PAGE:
i did something decidely non-urban this afternoon, the sort of thing that could get a guy the reputation locally of being something of a maverick.
about two miles from washingmachinepost croft, at gartbreck point, there is an empty farmhouse, recently purchased by frenchman jean donnay and designated as the site of islay's ninth malt whisky distillery. in a similar fashion to the so-called farm distillery at kilchoman, this will be a very small affair, with two copper stills sat upon a stone-built platform. unlike the other eight distilleries, these stills will not be electrically heated but by peat fires from beneath as was once the case throughout the island.
monsieur donnay owns a comparably sized distillery in brittany that has been in production for a few years, with condensers that sit on the outside of the still room running their coiled copper piping into water-filled, purpose built barrels. from the photos i have seen of the french setup, it all looks rather funky.
the geographical location of the intended islay distillery at gartbreck is charmingly remote, though during my distinctly non-urban foray to the farm buildings on wednesday afternoon, i can't say my first thought would ever have been to build a distillery in place of the ruined outbuildings. these are witness to a more populated time in islay's relatively recent past, when farms employed a lot more folks than they do now.
however, construction is not due to commence until mid-march 2015 with a view to commencing limited production by early 2016. therefore, once past the council's recycling repository, the road less travelled is little more than a gravel track. in fact, it is a gravel track, with luxuriant grass growth down the centre and several water-filled sizeable potholes on both sides of the newly fitted cattle grid and galvanised gate. however, as i continue with my lengthy digression, you're more than likely wondering to what end purpose was my rough and tumble foray into islay's outback.
in truth, it was not really to take a peek at gartbreck farmhouse before it becomes a distillery, nor indeed was it a means of getting away from it all for a quiet afternoon. the principal reason was to have a drink of water.
i habitually like to compare and contrast the urban melee with the rural idyll, gaining some self-satisfaction from riding bicycles and wearing clothing originally designed for traffic lights, pedestrian crossings and bus lanes rather than farm tracks, cattle grids and a small herd of cows that cast a suspicious eye over my rural presence. but the rather fabulous italian taurus corinto, curator of many a princely ride round the estates is completely devoid of bottle carrying capacity. nowhere about its person are there any bottle cage bolts, and metal brackets clamped to its downtube would be in serious danger of damaging the ornate paintwork.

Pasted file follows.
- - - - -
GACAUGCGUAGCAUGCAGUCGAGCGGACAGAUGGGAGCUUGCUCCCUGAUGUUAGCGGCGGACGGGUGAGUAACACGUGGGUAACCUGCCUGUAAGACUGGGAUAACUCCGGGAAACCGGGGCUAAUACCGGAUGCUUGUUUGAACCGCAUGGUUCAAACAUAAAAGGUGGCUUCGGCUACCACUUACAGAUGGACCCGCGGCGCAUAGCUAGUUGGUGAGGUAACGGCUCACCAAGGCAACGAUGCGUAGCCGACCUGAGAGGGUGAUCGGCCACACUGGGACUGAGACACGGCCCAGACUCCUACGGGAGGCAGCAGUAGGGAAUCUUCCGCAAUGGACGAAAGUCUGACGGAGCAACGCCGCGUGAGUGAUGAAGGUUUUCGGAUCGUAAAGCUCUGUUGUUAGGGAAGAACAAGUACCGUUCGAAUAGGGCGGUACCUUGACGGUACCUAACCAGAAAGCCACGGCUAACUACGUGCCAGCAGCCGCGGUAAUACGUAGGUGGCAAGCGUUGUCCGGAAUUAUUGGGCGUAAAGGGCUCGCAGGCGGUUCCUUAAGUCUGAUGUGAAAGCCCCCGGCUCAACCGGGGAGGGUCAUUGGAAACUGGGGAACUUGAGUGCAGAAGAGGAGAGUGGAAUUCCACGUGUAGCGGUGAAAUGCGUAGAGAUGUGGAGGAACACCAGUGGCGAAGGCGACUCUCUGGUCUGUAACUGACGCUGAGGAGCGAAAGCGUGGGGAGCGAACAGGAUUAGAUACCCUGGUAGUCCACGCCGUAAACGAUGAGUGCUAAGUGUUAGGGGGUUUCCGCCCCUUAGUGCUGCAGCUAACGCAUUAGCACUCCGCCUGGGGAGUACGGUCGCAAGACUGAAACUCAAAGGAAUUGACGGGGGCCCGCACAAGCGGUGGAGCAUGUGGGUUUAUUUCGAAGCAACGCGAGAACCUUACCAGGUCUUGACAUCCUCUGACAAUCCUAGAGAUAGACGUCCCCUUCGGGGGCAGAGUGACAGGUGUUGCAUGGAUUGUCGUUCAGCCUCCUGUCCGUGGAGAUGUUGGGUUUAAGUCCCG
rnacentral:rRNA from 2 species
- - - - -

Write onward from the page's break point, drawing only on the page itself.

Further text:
however, tippy toeing back to italy, it's possible to discover the rather eccentrically and mysteriously named 24 bottles, progenitors of explosively or subtly coloured stainless steel water bottles with screw tops. all well and good, i hear you murmur, but how does that help the intimated predicament when there's still nowhere to place said bottle? the italian answer to that question is porta bottiglia, a form of cotton canvas hammock that grasps the bottle tightly to its bosom before wrapping round any particular available tube on the double diamond frame.
in my case, i opted for the sand coloured bottle in order to closely match the paintwork on the taurus along with a natural-coloured porta bottiglia. the section of porta that nestles closest to a bicycle tube, bears two rubbery patches to hold the entire affair steady while the velcro equipped straps are wrapped to hold everything steady.
and that, to be more precise, was the specific reason for my cross-country jaunt, for as i have advertised on more than one occasion, i have no truck with alcohol, least that of single malt whisky. having filled the orange topped 24 bottle with water, i was intent on poking holes in the contention that nothing would move when seriously troubled by a less than pristine road surface. i cannot promise that this journey was made at breakneck speed; the taurus does not live life on the edge, but that's a situation every bit as true in the city as it is in the country.
and what of that screw top? surely water bottle technology has centred upon easing the means of slurping while in motion? how ever is that going to work if the top has to be unscrewed mid pedal stroke? well, the corinto is really not the sort of velocipede to encourage such behaviour; the taurus velocipedinist is of a more refined nature. it is said that gentlemen do not run, and nor do they take swigs from a plastic bottle while attempting to run a red light or avoid sheep on the road.
hopefully one of the photos above will advertise that i reached my remote destination, and might prove of interest to those who favour the islay malts. though the road was rough enough to make billiard tables seem flat, on my return to thewashingmachinepost croft, that bottle was only mildly askew under the top tube, but still tightly fastened to the bicycle. i consider that to be the desired result and a great boon to my rural inner city travel expeditions, both now and in the future.
i am grateful to pronto gara for providing the taurus corinto. they are also the sole uk distributors of 24 bottles (£16) and the accompanying porta bottiglia. purchased together the cost is £32.
thursday 25 september 2014..........................................................................................................................................................................................................